Bluestone Vineyard lies on the western side of the I-88 corridor near Harrisonburg. A quick jaunt to the eastern side of the Interstate (after stopping in downtown Harrisonburg for lunch), near the airport, lies CrossKeys Vineyards. An impressive Mediterranean-style building and courtyard with tables and umbrellas greets visitors. The tasting room, like Bluestone, is usually hopping - once again, proximity to a large state university town doesn't hurt. Yet another pinot noir (who needs Oregon and California?!) is the standout wine here. One thing pinot noir fans will notice (for better or worse, depending on your taste buds) is that Virginia pinots have little in common with west coast pinots, in both character and alcohol content. These pinots are more mineraly, not too far removed from the cab francs that are found in nearly every tasting room in the state. But like Virginia wine in general, they do grow on you. CrossKeys is more of a red wine spot (while Bluestone is more of a white wine destination); however they do have a fine oaked (not too oaked) chardonnay here, with soft notes of vanilla. A table white called "Joy" was created for the fans of sweeter wines (there is a red table called "Joy" as well, a Chambourcin with a mild sweetness).
CrossKeys was built with parties and weddings in mind, as well as winemaking, and if there happens to be a large event occurring while you visit, you won't have far to drive to escape that. The final stop is northeast of Harrisonburg, near the town of Stanley (on business route 340 towards Luray). Wisteria Vineyard is about as pure Virginia as you can get, complete with wandering farm animals, a mountain creek on the property, and a sipping porch. The first thing we noticed was the "back to nature" vibe of the location; if a winery existed near Woodstock, New York, it would probably resemble Wisteria. The wine is special, too. One red that was new to us is "Carmine," which is popular in California and resembles a lighter Merlot. They're the only winery in Virginia that offers this varietal. They have a Merlot as well, and their star white is their Traminette. This spot is a little further away from Harrisonburg/Staunton, and could be recommended for your drive back to the DC area. But it is certainly worth a visit--and it's one of the few wineries in the state that would appeal to children (courtesy of the free grazing farm animals).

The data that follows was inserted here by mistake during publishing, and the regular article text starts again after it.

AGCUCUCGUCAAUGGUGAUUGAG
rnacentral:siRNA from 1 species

The Shenandoah Valley of Virginia is a unique AVA that offers varietals you simply don't find in other parts of the state. With three sections of the valley bursting with flavor, the hardest decision is which part of the valley to pick (north, south, or central valley).